I knew the right choice was to not be afraid, but I guess I needed a word of encouragement. My network of friends on Facebook responded immediately with words of support. They encouraged me to confront my fears.
So I packed in my belt pouch a loaner Windows 7.5 phone with Caledos Runner app running on it and headed straight to the park. I returned to the spot where I was robbed – right by the Historic Firehouse, south of Williamsburg Bridge, by a patch of flowers. At first, I ran past it. Then I circled back and ran right through it. As I retraced the steps where I was robbed, I yelled out lout to no one in particular, “Don’t be afraid!”
It’s a beautiful day in the park today.
About two miles in on my five mile easy run, a teenage boy came up from behind me and snatched my iPhone right out of my hand. It was about quarter past noon in East River Park, close to the Grand Street ramp on FDR Drive.
Out of nowhere there suddenly were two hands trying to yank the phone out of my hand. I said, “No, no, no. please.” To which he said, “No.” He took it and ran south towards the ramp.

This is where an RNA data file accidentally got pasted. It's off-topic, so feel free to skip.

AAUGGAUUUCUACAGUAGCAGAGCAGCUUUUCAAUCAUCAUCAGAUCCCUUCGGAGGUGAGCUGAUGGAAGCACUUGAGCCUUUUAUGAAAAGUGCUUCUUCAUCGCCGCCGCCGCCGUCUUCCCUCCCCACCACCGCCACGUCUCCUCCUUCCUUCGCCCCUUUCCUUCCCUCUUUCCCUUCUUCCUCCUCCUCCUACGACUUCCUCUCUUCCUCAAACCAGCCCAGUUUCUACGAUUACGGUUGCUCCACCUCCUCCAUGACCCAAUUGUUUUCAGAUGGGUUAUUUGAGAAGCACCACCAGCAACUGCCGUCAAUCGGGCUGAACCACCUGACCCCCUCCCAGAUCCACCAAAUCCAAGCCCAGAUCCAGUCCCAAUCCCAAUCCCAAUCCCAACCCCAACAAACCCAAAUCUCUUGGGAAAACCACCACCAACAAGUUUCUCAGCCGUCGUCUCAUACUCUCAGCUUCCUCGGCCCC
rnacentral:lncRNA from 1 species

I watched him run away. I can get a new phone. Google has all the information I need stored in the “cloud.” I know the grocery list I typed into Notes app before I stepped out for the run: gluten-free snacks, fruits, almond milk. I turned around, and almost as if on queue, it started to rain. Then it started to pour.
I ran back north. I told three runners I encountered. The first woman gasped and turned around to run back north. The second woman seemed unfazed and kept running south. The third person was an older man, and he told me to call 911 right away. A park ranger was sitting in a green van right by us, so I told him what happened. He looked concerned but not alarmed. I dialed 911 from his phone, but the call wouldn’t go through. I got the strange busy signal you get when you call a fax line by mistake. I decided to head home and try again.